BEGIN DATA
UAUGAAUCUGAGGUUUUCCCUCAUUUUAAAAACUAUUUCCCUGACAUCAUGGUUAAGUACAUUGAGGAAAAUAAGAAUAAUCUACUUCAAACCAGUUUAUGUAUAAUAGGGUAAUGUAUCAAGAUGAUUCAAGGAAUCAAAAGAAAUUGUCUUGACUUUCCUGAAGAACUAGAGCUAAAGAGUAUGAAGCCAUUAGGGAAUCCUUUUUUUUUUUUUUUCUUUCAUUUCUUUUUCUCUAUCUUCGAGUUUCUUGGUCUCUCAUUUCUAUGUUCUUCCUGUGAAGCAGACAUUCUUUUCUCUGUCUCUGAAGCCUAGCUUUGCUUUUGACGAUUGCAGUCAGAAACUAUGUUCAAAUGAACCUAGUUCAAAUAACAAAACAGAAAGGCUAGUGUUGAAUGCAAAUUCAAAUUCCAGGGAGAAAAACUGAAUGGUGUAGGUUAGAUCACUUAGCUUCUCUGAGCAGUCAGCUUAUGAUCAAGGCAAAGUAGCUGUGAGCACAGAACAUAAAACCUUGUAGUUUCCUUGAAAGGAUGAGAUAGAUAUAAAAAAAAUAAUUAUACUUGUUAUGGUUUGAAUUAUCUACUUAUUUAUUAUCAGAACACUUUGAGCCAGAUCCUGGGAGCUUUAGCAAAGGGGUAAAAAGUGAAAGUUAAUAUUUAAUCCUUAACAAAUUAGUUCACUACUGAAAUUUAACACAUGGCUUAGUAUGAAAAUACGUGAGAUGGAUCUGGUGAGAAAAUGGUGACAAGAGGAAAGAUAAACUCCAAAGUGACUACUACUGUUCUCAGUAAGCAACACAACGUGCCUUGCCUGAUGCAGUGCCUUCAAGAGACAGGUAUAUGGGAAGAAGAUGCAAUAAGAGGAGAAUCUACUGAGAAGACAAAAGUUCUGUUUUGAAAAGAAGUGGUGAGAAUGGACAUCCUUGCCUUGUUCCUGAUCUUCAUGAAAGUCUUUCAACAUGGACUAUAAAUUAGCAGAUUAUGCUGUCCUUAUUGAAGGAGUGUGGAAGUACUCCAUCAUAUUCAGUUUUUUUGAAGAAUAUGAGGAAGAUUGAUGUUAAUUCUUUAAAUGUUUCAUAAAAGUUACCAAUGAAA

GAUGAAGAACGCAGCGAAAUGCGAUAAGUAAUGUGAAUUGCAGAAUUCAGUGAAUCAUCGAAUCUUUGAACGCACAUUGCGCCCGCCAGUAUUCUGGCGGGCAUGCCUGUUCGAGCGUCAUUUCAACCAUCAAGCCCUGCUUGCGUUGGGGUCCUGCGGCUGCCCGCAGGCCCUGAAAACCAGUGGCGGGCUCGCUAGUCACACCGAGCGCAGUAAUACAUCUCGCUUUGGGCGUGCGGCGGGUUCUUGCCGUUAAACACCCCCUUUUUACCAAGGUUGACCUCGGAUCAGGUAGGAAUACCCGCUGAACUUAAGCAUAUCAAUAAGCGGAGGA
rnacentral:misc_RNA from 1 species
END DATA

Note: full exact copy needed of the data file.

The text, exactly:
UAUGAAUCUGAGGUUUUCCCUCAUUUUAAAAACUAUUUCCCUGACAUCAUGGUUAAGUACAUUGAGGAAAAUAAGAAUAAUCUACUUCAAACCAGUUUAUGUAUAAUAGGGUAAUGUAUCAAGAUGAUUCAAGGAAUCAAAAGAAAUUGUCUUGACUUUCCUGAAGAACUAGAGCUAAAGAGUAUGAAGCCAUUAGGGAAUCCUUUUUUUUUUUUUUUCUUUCAUUUCUUUUUCUCUAUCUUCGAGUUUCUUGGUCUCUCAUUUCUAUGUUCUUCCUGUGAAGCAGACAUUCUUUUCUCUGUCUCUGAAGCCUAGCUUUGCUUUUGACGAUUGCAGUCAGAAACUAUGUUCAAAUGAACCUAGUUCAAAUAACAAAACAGAAAGGCUAGUGUUGAAUGCAAAUUCAAAUUCCAGGGAGAAAAACUGAAUGGUGUAGGUUAGAUCACUUAGCUUCUCUGAGCAGUCAGCUUAUGAUCAAGGCAAAGUAGCUGUGAGCACAGAACAUAAAACCUUGUAGUUUCCUUGAAAGGAUGAGAUAGAUAUAAAAAAAAUAAUUAUACUUGUUAUGGUUUGAAUUAUCUACUUAUUUAUUAUCAGAACACUUUGAGCCAGAUCCUGGGAGCUUUAGCAAAGGGGUAAAAAGUGAAAGUUAAUAUUUAAUCCUUAACAAAUUAGUUCACUACUGAAAUUUAACACAUGGCUUAGUAUGAAAAUACGUGAGAUGGAUCUGGUGAGAAAAUGGUGACAAGAGGAAAGAUAAACUCCAAAGUGACUACUACUGUUCUCAGUAAGCAACACAACGUGCCUUGCCUGAUGCAGUGCCUUCAAGAGACAGGUAUAUGGGAAGAAGAUGCAAUAAGAGGAGAAUCUACUGAGAAGACAAAAGUUCUGUUUUGAAAAGAAGUGGUGAGAAUGGACAUCCUUGCCUUGUUCCUGAUCUUCAUGAAAGUCUUUCAACAUGGACUAUAAAUUAGCAGAUUAUGCUGUCCUUAUUGAAGGAGUGUGGAAGUACUCCAUCAUAUUCAGUUUUUUUGAAGAAUAUGAGGAAGAUUGAUGUUAAUUCUUUAAAUGUUUCAUAAAAGUUACCAAUGAAA

GAUGAAGAACGCAGCGAAAUGCGAUAAGUAAUGUGAAUUGCAGAAUUCAGUGAAUCAUCGAAUCUUUGAACGCACAUUGCGCCCGCCAGUAUUCUGGCGGGCAUGCCUGUUCGAGCGUCAUUUCAACCAUCAAGCCCUGCUUGCGUUGGGGUCCUGCGGCUGCCCGCAGGCCCUGAAAACCAGUGGCGGGCUCGCUAGUCACACCGAGCGCAGUAAUACAUCUCGCUUUGGGCGUGCGGCGGGUUCUUGCCGUUAAACACCCCCUUUUUACCAAGGUUGACCUCGGAUCAGGUAGGAAUACCCGCUGAACUUAAGCAUAUCAAUAAGCGGAGGA
rnacentral:misc_RNA from 1 species